- Crowther, Gail and Peter K. Steinberg. "These Ghostly Archives." Plath Profiles 2. Summer 2009: 183-208.
- Crowther, Gail and Peter K. Steinberg. "These Ghostly Archives, Redux." Plath Profiles 3. Summer 2010: 232-246.
- Crowther, Gail and Peter K. Steinberg. "These Ghostly Archives 3." Plath Profiles 4. Summer 2011: 119-138.
- Crowther, Gail and Peter K. Steinberg. "These Ghostly Archives 4: Looking for New England." Plath Profiles 5. Summer 2012: 11-56.
- Crowther, Gail and Peter K. Steinberg. "These Ghostly Archives 5: Reanimating the Past." Plath Profiles 6. Summer 2013: 27-62.
- Death Be Not Proud: The Graves of Poets. New York: Poets.org. (Photographs used)
- Doel, Irralie, Lena Friesen and Peter K. Steinberg. "An Unacknowledged Publication by Sylvia Plath." Notes & Queries 56:3. September 2009: 428-430.
- Elements of Literature, Third Course. Austin, Tex. : Holt, Rinehart and Winston, 2009. (Photograph used)
- Helle, Anita. "Lessons from the Archive: Sylvia Plath and the Politics of Memory". Feminist Studies 31:3. Fall 2005: 631-652.. (Acknowledged in)
- Helle, Anita Plath. The Unraveling Archive: Essays on Sylvia Plath. Ann Arbor: University of Michigan Press, 2007. (Photographs used, acknowledged in)
- Holden, Constance. "Sad Poets' Society." Science Magazine. 27 July 2008. (Photograph used)
- Making Trouble: Three Generations of Funny Jewish Women, Motion Picture. Directed by Rachel Talbot. Brookline (Mass.): Jewish Women's Archive, 2007. (Photograph used)
- Plath, Sylvia, and Karen V. Kukil. 2000. The Unabridged Journals of Sylvia Plath, 1950-1962. New York: Anchor Books. (Acknowledged in)
- Gill, Jo. "Sylvia Plath in the South West." University of Exeter Centre for South West Writing, 2008. (Photograph used)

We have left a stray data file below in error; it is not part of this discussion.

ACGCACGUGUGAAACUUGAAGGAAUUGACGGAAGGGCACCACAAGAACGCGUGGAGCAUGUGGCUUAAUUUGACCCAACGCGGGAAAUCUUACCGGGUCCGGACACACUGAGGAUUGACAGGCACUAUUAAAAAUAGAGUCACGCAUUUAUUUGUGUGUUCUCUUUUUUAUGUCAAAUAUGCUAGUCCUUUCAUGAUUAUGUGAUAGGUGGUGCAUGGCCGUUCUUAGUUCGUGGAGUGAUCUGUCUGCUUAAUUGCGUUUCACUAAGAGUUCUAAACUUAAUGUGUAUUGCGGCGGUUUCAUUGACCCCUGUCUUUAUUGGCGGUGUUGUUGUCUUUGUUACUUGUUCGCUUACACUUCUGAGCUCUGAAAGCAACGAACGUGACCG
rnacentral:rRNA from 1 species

- Reiff, Raychel Haugrud. Sylvia Plath: The Bell Jar and Poems (Writers and Their Works). Marshall Cavendish Children's Books, 2008.. (Images provided)
- Plath, Sylvia. Glassklokken. Oslo: De norske Bokklubbene, 2004. (Photograph used on cover)
- Steinberg, Peter K. Sylvia Plath (Great Writers). Philadelphia: Chelsea House Publishers, 2004.
- Steinberg, Peter K. "'I Should Be Loving This': Sylvia Plath's 'The Perfect Place' and The Bell Jar." Plath Profiles 1. Summer 2008: 253-262.
- Steinberg, Peter K. "'They Had to Call and Call': The Search for Sylvia Plath." Plath Profiles 3. Summer 2010: 106-132.
- Steinberg, Peter K. "Sylvia Plath." The Spoken Word: Sylvia Plath. London: British Library, 2010.
- Steinberg, Peter K. "This is a Celebration: A Festschrift for The Unabridged Journals of Sylvia Plath." Plath Profiles 3 Supplement. Fall 2010: 3-14.
- Steinberg, Peter K. "Proof of Plath." Fine Books & Collections 9:2. Spring 2011: 11-12.
- Steinberg, Peter K. "A Perfectly Beautiful Time: Sylvia Plath at Camp Helen Storrow." Plath Profiles 4. Summer 2011: 149-166.
- Steinberg, Peter K. "Textual Variations in The Bell Jar Publications." Plath Profiles 5. Summer 2012.
- "Banking on his passion for Plath" by Melissa Davis Haller. UMW Today. Spring 2005.
- "Sylvia Plath's Three Women to be staged in London" by Alison Flood. The Guardian. 3 December 2008.
- "FBI files on Sylvia Plath's father shed new light on poet" by Dalya Alberge. The Guardian. 17 August 2012.
- "There Are Almost No Obituaries for Sylvia Plath" by Ashley Fetters. The Atlantic. 11 February 2013.